Cabildo starts clearance of illegal settlement in La Caleta, Adeje

Photo: Tenerife Cabildo

Updated 14 July: The Cabildo began to clear the illegal settlements early this morning, with Tenerife President Pedro Martín himself on site to supervise the start of the works. The Cabildo has confirmed that the clearance is being coordinated with the Canarian Government and Adeje Ayuntamiento, and carried out with assistance from police and security forces. Local residents cheered as the dismantling and removals started, saying it has been years since they’ve been able to use their own beach because of the okupas (squatters), many suggesting other areas where they say similar action is urgently needed.

Original post 12 June: The Tenerife Cabildo has announced the clearance of illegal settlements in La Caleta, Adeje, designated a Sitio de Interés Científico (Site of Scientific Interest). The Cabildo, along with the Guardia Civil and representatives from provincial Costas (the Coasts department) and environmental agents will start next week to document formally the specific places and numbers of individuals which have been settled in this coastal environment. This will serve as the basis for the clearance proceedings. The protocol will also establish monitoring routines by national police and security forces once the area has been cleared, to ensure that it isn’t resettled, and so that it remains in its natural condition for the enjoyment of all. The Cabildo said that the protocol needed to be set up because the situation in La Caleta, far from new, required the coordination of various administrations – local, insular, regional, and national – and the process which will start imminently needed to be managed jointly.


  1. I hope they also clean up the ghetto on the Diego Hernández beach.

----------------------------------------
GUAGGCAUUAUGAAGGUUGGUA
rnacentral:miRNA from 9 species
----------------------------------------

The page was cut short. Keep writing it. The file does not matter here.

“The impact of these settlements without permission in this place of great value, which comes from far behind earning the area the fame of a hippie camp, begins to be very visible in each of the coves. Accumulated rubbish, alterations in the terrain, marks in the dunes …” They sell all kinds of things, food, drinks, etc.
    What about hygiene?

  2. I hope they have strong stomachs when they start to clear away the communal toilet site and the communal rubbish tip that have been a blight on this wonderful natural location.

  3. Are the “illegal residents” still resident in the buildings by the market in Los Cristianos? i was led to believe that they would be vacating them with a little help from the Local Council in the early part of this year, January?

  4. Author

    The last I heard was that it was still occupied in March despite a Court order last December to clear it. In March one of the occupants was taken ill and it made the news that Cruz Roja and police were assisting.

  5. So they have shifted from one place to another..and unfortunately that place happens to be Tijoco Bajo.
    Apparently up to Ten families have taken over a building on the main road into Tijoco Bajo and the whole process of dislodging them has to begin again…
    Mean while us citizens who legally dwell here are put in a position of What do we do now…….

  6. The removal of the squatters was long awaited ,however,they appear to have simply up-sticks and re-pitched their tents and camper-vans further west and now over-run the beach area between El Puertito and Playa Paraiso. One entrepreneur in the new shanty town has even opened a small bar selling drinks to the passing walkers! Needless to say there is no direct water supply or sanitation.Residents at the recently re-opened Bahia hotel will be dreading a South Westerly breeze bringing with it the smell of human and animal excrement.

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